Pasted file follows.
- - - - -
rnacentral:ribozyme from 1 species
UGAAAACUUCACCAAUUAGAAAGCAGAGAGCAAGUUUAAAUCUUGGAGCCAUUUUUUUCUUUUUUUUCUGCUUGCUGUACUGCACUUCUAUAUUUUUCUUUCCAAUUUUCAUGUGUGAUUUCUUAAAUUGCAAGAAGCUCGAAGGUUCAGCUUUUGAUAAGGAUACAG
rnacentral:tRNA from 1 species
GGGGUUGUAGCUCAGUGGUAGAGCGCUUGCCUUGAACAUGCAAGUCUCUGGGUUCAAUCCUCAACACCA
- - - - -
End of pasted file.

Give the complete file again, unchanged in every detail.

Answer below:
rnacentral:ribozyme from 1 species
UGAAAACUUCACCAAUUAGAAAGCAGAGAGCAAGUUUAAAUCUUGGAGCCAUUUUUUUCUUUUUUUUCUGCUUGCUGUACUGCACUUCUAUAUUUUUCUUUCCAAUUUUCAUGUGUGAUUUCUUAAAUUGCAAGAAGCUCGAAGGUUCAGCUUUUGAUAAGGAUACAG
rnacentral:tRNA from 1 species
GGGGUUGUAGCUCAGUGGUAGAGCGCUUGCCUUGAACAUGCAAGUCUCUGGGUUCAAUCCUCAACACCA